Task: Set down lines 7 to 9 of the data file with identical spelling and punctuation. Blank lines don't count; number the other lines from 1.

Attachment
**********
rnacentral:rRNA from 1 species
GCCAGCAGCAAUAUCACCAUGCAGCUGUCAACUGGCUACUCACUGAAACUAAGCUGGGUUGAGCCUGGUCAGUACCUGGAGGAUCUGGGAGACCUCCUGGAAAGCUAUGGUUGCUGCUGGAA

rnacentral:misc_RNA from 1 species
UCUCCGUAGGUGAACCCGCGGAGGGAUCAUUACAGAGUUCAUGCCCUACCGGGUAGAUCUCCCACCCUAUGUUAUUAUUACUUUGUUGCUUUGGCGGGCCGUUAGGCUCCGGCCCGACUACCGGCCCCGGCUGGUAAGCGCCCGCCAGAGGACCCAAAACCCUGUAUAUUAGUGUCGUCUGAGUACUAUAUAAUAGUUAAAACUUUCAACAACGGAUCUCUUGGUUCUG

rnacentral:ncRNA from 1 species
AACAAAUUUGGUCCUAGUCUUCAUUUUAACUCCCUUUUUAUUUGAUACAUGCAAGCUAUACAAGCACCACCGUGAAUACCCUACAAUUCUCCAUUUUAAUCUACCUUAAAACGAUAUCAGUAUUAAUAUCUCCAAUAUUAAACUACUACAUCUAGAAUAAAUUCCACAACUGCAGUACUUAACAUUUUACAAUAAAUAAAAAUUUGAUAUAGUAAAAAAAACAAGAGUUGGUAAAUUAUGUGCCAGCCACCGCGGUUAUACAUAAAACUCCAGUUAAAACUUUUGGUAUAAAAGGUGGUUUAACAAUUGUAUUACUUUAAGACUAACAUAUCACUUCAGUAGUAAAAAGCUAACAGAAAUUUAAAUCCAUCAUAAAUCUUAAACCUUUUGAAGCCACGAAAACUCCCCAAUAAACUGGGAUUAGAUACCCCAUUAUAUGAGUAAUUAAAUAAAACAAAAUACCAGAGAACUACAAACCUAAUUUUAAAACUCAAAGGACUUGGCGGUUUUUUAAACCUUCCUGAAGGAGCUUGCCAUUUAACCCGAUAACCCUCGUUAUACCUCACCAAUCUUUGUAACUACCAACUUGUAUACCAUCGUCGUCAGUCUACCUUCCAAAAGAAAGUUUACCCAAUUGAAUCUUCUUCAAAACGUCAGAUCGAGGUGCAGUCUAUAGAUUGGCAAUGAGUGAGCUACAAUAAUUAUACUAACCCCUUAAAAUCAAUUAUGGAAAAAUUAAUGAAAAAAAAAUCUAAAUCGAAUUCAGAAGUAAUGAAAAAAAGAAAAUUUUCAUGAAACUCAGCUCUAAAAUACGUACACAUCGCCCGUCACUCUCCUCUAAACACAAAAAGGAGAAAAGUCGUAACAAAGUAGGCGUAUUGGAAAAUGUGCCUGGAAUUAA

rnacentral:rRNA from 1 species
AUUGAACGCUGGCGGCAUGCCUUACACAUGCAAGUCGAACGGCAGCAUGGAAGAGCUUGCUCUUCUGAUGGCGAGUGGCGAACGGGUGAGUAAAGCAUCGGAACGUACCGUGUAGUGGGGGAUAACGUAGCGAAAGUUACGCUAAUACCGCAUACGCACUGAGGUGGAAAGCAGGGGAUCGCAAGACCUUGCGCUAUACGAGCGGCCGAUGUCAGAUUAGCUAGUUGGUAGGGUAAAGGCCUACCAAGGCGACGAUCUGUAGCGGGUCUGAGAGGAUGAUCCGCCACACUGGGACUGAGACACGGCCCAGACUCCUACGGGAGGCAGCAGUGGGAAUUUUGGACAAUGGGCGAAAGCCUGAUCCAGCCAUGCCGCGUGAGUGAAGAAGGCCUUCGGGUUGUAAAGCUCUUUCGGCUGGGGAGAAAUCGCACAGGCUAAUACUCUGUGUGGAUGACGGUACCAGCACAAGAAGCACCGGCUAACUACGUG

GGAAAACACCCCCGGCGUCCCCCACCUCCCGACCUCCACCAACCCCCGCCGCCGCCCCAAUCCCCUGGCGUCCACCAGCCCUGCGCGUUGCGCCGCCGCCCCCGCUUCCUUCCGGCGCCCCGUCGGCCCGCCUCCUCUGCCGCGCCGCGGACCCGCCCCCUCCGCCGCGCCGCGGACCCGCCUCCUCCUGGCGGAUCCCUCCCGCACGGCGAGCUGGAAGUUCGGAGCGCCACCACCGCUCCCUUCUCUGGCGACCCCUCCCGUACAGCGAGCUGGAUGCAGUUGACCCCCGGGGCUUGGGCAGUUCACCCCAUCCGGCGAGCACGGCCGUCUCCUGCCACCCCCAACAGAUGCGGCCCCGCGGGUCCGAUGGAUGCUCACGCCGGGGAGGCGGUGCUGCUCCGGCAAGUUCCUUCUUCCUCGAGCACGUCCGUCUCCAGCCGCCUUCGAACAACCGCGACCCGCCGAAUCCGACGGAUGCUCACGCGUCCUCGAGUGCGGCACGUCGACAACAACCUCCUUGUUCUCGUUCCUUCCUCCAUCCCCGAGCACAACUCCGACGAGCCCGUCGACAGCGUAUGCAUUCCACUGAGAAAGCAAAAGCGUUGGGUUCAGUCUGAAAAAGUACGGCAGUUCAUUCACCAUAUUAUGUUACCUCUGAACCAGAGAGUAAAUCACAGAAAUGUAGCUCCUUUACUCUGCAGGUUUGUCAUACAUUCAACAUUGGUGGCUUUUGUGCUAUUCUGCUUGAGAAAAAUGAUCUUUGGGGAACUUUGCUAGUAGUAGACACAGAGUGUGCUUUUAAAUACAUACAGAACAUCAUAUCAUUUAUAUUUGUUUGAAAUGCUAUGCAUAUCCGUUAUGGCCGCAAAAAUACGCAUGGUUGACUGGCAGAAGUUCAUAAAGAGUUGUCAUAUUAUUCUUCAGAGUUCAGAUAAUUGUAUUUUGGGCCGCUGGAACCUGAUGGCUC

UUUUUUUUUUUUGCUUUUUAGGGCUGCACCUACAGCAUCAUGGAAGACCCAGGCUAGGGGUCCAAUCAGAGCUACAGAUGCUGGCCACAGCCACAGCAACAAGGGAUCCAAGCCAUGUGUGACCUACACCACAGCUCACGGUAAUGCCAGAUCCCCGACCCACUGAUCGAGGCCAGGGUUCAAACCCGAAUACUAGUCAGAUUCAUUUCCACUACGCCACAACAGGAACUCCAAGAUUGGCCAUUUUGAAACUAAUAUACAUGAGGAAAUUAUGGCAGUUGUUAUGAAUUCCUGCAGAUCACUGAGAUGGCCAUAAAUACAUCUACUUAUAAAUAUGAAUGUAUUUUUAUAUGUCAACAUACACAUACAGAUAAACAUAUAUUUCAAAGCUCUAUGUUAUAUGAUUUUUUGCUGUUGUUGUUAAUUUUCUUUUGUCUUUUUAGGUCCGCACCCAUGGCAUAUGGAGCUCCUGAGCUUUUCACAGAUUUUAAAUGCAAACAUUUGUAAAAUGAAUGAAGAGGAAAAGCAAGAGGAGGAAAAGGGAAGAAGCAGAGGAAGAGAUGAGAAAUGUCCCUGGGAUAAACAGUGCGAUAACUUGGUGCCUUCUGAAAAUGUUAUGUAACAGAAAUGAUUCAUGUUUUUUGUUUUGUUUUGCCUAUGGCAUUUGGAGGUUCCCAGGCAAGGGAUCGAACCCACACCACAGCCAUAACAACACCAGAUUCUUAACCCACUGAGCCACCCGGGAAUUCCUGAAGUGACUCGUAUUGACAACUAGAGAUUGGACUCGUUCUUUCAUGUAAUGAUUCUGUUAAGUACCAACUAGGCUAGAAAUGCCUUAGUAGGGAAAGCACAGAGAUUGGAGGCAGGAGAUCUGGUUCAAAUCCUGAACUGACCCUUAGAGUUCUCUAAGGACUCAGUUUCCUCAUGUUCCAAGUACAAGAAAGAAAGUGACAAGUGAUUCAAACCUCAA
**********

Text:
rnacentral:rRNA from 1 species
AUUGAACGCUGGCGGCAUGCCUUACACAUGCAAGUCGAACGGCAGCAUGGAAGAGCUUGCUCUUCUGAUGGCGAGUGGCGAACGGGUGAGUAAAGCAUCGGAACGUACCGUGUAGUGGGGGAUAACGUAGCGAAAGUUACGCUAAUACCGCAUACGCACUGAGGUGGAAAGCAGGGGAUCGCAAGACCUUGCGCUAUACGAGCGGCCGAUGUCAGAUUAGCUAGUUGGUAGGGUAAAGGCCUACCAAGGCGACGAUCUGUAGCGGGUCUGAGAGGAUGAUCCGCCACACUGGGACUGAGACACGGCCCAGACUCCUACGGGAGGCAGCAGUGGGAAUUUUGGACAAUGGGCGAAAGCCUGAUCCAGCCAUGCCGCGUGAGUGAAGAAGGCCUUCGGGUUGUAAAGCUCUUUCGGCUGGGGAGAAAUCGCACAGGCUAAUACUCUGUGUGGAUGACGGUACCAGCACAAGAAGCACCGGCUAACUACGUG

GGAAAACACCCCCGGCGUCCCCCACCUCCCGACCUCCACCAACCCCCGCCGCCGCCCCAAUCCCCUGGCGUCCACCAGCCCUGCGCGUUGCGCCGCCGCCCCCGCUUCCUUCCGGCGCCCCGUCGGCCCGCCUCCUCUGCCGCGCCGCGGACCCGCCCCCUCCGCCGCGCCGCGGACCCGCCUCCUCCUGGCGGAUCCCUCCCGCACGGCGAGCUGGAAGUUCGGAGCGCCACCACCGCUCCCUUCUCUGGCGACCCCUCCCGUACAGCGAGCUGGAUGCAGUUGACCCCCGGGGCUUGGGCAGUUCACCCCAUCCGGCGAGCACGGCCGUCUCCUGCCACCCCCAACAGAUGCGGCCCCGCGGGUCCGAUGGAUGCUCACGCCGGGGAGGCGGUGCUGCUCCGGCAAGUUCCUUCUUCCUCGAGCACGUCCGUCUCCAGCCGCCUUCGAACAACCGCGACCCGCCGAAUCCGACGGAUGCUCACGCGUCCUCGAGUGCGGCACGUCGACAACAACCUCCUUGUUCUCGUUCCUUCCUCCAUCCCCGAGCACAACUCCGACGAGCCCGUCGACAGCGUAUGCAUUCCACUGAGAAAGCAAAAGCGUUGGGUUCAGUCUGAAAAAGUACGGCAGUUCAUUCACCAUAUUAUGUUACCUCUGAACCAGAGAGUAAAUCACAGAAAUGUAGCUCCUUUACUCUGCAGGUUUGUCAUACAUUCAACAUUGGUGGCUUUUGUGCUAUUCUGCUUGAGAAAAAUGAUCUUUGGGGAACUUUGCUAGUAGUAGACACAGAGUGUGCUUUUAAAUACAUACAGAACAUCAUAUCAUUUAUAUUUGUUUGAAAUGCUAUGCAUAUCCGUUAUGGCCGCAAAAAUACGCAUGGUUGACUGGCAGAAGUUCAUAAAGAGUUGUCAUAUUAUUCUUCAGAGUUCAGAUAAUUGUAUUUUGGGCCGCUGGAACCUGAUGGCUC